The sparkling waters, brilliantly white sand and magnificent blue sky of the Maldives makes the nation the epitome of paradise, but maybe not for too much longer. Made up of 1,190 islands and nestled in the Indian ocean, the Maldives is in danger of being the first nation to be swamped due to rising sea levels from climate change. Known as the world’s lowest nation, 80% of all islands are no more than 1 meter above sea level. Rising waters are already endangering some beaches, which they fear may soon render them inhospitable.

Dead Sea

Besides its religious significance, at 1,338 feet below sea level, Israel’s Dead Sea is also the lowest spot on earth, as well as a natural health spa, making it one of the biggest tourist attractions in the Middle East. But due to its shrinking water source, there is fear that the Dead Sea may soon live up to its name. In the past 40 years, the sea has shrunk one-third its size. With its sole source, the Jordan River, being diverted more and more for agriculture and water, the Dead Sea is estimated to be shrinking year feet each year and could be gone in less than 50 years.



Flooding is so commonplace in Venice that it has earned the Italian city a number of nicknames, including “The Floating City”. Although they may have joked about it in the past, more people are becoming concerned about the state of the romantic city as buildings have begun to crack and crumble due to rising seawater. These rising seas have caused severe flooding, which is increasing more and more every year. Researchers fear that it could be only 70 years before the city sinks into the abyss.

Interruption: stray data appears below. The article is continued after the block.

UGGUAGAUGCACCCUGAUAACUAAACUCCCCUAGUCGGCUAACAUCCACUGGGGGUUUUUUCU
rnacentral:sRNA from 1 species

Glacier National Park

With its rugged mountains, pristine lakes and beautiful meadows, Glacier National Park in Montana is a hiker’s paradise. The national park is home to one of the largest and most intact ecosystems in North America. But there are fears that the park may soon not be able to live up to its name. 100 years ago, there were over 150 glaciers strewn across the area but by 2005, there were only 27 remaining due to Global Warming. The absence of cold water could significantly endanger the state of the ecosystem when the glaciers are gone, which is predicted to be by 2030, if not sooner.

Taj Mahal

The majestic Taj Mahal is one of India’s best known monuments. The beautiful marble mausoleum is a considered to be “the jewel of Muslim art in India and one of the universally admired masterpieces of the world’s heritage”, according to UNESCO. However, the building, which sees hundreds of thousands of visitors a year, may soon close its doors for good because air pollution is causing the building’s interior to deteriorate. This is no new issue, the Indian government has been trying to solve this problem for years, to no avail. Between the huge crowds and air pollution, the Taj Mahal may close the 17th century landmark to the public in as soon as five years, leaving people to admire it only from afar.